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Mysterium


Players: 2-7

Age: 10+

Teaching Time: 10 mins

Playing Time: 42 mins

Setup Time: 5 mins

Value For Money: Mid

Luck: Low

Complexity: Low

Strategy: Low

Price: £32

Recommended: Yes

Website: en.libellud.com


I’ve long been a fan of image interpretation games such as Mysterium, ever since I first played the brilliant Dixit, so much so that I’ve begun designing one. The main progenitors of this sort of game are undeniably Libellud with their output including not only Dixit and Mysterium but Dixit Jinx, Mysterium Park, Obscurio, One Key, Shadows: Amsterdam, all based around the central mechanic of interpreting meanings from a series of abstract images. Although Dixit is a giant, having won the Spiel Des Jahres and spawning an unstoppable line of expansions, Mysterium, often seen as the co-operative version, is a huge success in its own rights and arguably improves on the formula by lessening the need for the “right group” around the table.


Mysterium tasks one player with taking the part of the spirit of a murdered servant at a stately home while the other players take the part of mediums trying to lay the anguished soul to rest years later. To do so the spirit hands out abstract vision cards to lead the mediums to their killer, scene of crime and finally murder weapon. The images being led to are progressively sparser, making progress trickier as it goes on. Should each medium player successfully identify their own set of killer, location and weapon there is then a final round in which the correct set needs to be identified.


Mysterium’s single biggest problem is its pacing, the spirit is given the duty of handing out vision cards to all other players who then have to make their choices against the clock (in the form of a sand-timer). The handing out is made face down and then the choosing is simultaneous, meaning that particularly at higher player numbers mediums are generally left sat and waiting as the spirit is painfully aware that everyone else’s fun is draining away the longer they take as they stare at a knight on a toadstool and a lizard driving a coach trying to work out which one is most likely to lead someone to choose an ice-skate. This can reduce on later rounds as failing mediums keep previous clue cards allowing discussions to be ongoing, but its not really clear why the visions are ever handed out face down. More time is not necessarily a benefit in this sort of game as guessing players can easily second guess themselves out of correct answers. As such the game only seems to benefit from house ruling to play vision cards face up.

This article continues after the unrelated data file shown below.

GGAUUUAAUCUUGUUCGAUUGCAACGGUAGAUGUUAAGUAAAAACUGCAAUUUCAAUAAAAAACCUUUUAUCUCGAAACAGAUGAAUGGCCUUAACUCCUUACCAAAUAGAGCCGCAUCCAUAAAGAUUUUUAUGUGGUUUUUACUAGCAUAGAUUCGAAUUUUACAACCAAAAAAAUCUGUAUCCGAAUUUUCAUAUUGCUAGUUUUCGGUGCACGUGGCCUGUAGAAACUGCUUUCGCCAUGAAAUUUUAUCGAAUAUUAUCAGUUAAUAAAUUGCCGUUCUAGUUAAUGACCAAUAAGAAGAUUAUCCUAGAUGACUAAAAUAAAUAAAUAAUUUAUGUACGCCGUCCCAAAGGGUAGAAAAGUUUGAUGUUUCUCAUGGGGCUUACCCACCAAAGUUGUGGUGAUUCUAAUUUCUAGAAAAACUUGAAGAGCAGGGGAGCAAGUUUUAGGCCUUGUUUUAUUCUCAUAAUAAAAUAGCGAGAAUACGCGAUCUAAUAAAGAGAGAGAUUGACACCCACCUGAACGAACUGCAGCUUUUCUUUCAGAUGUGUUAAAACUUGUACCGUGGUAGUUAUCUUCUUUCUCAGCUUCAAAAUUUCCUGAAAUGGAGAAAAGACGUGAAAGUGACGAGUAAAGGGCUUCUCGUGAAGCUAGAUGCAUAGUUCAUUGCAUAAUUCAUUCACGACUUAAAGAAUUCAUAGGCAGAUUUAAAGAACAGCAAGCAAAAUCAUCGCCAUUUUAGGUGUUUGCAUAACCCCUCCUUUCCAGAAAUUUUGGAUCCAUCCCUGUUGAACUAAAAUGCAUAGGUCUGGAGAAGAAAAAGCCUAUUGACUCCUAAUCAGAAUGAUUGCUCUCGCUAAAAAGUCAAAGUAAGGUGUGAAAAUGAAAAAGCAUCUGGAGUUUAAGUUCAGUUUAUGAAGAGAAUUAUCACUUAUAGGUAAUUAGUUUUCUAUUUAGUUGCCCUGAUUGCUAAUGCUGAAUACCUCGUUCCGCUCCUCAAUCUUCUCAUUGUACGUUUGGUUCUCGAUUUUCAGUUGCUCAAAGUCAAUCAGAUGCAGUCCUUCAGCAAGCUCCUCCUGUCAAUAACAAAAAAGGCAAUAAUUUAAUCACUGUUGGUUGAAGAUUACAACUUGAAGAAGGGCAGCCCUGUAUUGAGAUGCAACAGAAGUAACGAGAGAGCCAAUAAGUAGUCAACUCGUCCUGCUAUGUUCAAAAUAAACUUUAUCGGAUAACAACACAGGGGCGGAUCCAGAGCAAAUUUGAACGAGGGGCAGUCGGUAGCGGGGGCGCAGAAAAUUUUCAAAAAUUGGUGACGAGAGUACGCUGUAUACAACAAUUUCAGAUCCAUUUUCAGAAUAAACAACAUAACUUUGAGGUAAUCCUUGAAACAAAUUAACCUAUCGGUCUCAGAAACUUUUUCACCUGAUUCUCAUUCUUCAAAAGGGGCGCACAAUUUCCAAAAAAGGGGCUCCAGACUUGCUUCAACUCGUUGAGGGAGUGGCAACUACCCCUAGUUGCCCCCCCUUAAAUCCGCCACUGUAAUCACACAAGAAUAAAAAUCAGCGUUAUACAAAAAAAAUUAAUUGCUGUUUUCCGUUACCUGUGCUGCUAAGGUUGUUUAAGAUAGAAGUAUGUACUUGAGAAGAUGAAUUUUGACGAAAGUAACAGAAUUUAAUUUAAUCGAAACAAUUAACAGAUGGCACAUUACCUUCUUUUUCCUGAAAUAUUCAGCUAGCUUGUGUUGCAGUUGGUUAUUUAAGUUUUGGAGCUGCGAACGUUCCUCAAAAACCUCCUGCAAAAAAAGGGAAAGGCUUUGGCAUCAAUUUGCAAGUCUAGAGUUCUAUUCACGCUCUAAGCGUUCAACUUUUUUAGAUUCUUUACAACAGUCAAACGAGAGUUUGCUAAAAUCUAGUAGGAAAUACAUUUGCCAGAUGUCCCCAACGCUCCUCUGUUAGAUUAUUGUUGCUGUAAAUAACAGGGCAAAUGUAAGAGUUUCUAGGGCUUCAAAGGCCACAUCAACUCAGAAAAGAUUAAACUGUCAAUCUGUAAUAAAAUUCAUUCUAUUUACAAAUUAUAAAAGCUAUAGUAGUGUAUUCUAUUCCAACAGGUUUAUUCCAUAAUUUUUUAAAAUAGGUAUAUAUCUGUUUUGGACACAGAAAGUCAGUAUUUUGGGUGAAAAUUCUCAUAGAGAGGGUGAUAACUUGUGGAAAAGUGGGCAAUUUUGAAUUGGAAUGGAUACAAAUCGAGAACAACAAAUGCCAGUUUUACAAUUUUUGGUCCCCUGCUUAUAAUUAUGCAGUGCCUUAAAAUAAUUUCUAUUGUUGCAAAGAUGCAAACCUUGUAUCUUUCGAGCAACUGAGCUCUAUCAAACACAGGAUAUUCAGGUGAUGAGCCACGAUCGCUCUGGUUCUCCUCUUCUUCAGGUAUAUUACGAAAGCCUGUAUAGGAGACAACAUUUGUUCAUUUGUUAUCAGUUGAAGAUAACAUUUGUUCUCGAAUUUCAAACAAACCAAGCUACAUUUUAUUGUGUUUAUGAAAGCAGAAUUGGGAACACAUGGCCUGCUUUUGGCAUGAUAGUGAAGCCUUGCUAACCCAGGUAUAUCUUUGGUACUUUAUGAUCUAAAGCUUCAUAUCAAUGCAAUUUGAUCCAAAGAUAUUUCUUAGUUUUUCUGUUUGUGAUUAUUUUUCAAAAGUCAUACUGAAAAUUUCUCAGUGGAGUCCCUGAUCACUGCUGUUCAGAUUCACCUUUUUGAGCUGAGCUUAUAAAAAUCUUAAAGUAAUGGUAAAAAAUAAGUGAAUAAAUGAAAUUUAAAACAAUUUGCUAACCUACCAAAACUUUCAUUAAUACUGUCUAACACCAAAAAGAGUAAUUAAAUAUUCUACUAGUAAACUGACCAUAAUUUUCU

The greatest strength of these sorts of image interpretation games is that they give players that don’t necessarily consider themselves in anyway creative the power to engage in deep and pure moments of creative thinking. Humans are naturally inclined to both find patterns and build private language, which is exactly what these games are built on. Mysterium achieves this formula, arguably better than Dixit, by lessening the pressure on players to directly create clues. In Dixit the very strength of these games, that they allow the uncreative player to find moments of genuinely inspirational creation, can miss when players don’t click with the idea of “good, but not too good” clues. Since Mysterium is co-op there is no such internal pressure to second guess and self-limit, rather every clue and connect needs to be simply as strong as it can possibly be, making for a much more reliable play experience.


Arguably some of the more baroque image interpretation games that followed Mysterium from Libellud over egged the proverbial pudding, resulting in weaker and more watered-down experiences, but Mysterium itself is possibly the strongest iteration of the central idea from this publisher. It’s a massive game so it’s unlikely that someone reading this review hasn’t encountered it, but if you haven’t, or haven’t experienced any of the games in this genre, the underlying idea is revolutionary and here it is presented in one of its finest versions.


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